SkyBridge: additional flexibility
AMD executives didn't exactly make clear what the selling points of SkyBridge would be to customers. According to Paul Santeler, the general manager of Hewlett-Packard's Hyperscale business unit, however, providing both ARM and X86 solutions provides a "pretty fair fight" that will allow a customer to use them interchangeably. "There's not too many devices that you can touch that don't have ARM in them," he said.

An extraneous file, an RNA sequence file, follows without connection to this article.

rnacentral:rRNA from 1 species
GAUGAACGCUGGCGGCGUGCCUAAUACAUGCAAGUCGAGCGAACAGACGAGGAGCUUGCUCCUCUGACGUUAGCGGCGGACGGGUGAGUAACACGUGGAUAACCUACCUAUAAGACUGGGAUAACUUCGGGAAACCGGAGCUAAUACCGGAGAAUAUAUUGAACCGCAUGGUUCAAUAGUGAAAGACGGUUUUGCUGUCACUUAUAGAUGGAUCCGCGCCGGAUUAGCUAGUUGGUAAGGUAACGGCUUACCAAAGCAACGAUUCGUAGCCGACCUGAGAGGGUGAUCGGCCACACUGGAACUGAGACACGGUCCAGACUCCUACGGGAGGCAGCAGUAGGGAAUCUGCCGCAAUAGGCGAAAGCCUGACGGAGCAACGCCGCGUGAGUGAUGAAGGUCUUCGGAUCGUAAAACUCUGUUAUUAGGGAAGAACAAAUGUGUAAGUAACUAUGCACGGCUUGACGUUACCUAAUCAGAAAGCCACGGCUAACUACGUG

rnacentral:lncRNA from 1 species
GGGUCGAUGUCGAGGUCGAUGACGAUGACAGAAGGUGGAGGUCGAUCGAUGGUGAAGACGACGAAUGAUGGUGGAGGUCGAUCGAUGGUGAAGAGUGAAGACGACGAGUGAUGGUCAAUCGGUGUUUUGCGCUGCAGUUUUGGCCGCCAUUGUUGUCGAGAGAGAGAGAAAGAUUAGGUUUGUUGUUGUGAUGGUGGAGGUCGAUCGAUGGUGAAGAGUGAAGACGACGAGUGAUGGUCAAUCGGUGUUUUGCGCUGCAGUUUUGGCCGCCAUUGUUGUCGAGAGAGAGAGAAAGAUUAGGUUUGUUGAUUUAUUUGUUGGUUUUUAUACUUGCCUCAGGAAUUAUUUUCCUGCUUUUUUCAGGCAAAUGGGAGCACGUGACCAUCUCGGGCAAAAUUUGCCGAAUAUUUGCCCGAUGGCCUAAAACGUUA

At AMD, however, the addition of the ARM technology adds another arrow to its technology quiver, executives said. "We've done servers, we've done high frequency, we've done scalability," Jim Keller, the head of the design team on the AMD K12, said of the addition of the ARM license. "With ARM, we can extend the range."
According to Mark Papermaster, AMD's chief technology officer, SkyBridge will be "the underpinnings of all of our ambidextrous designs going forward," he said.
SkyBridge will be implemented in 20-nm designs, the next step beyond AMD's current 28-nm manufacturing node. Executives did not reveal any details about the K12, including its manufacturing process or its expected capabilities.
Sign up for CIO Asia eNewsletters.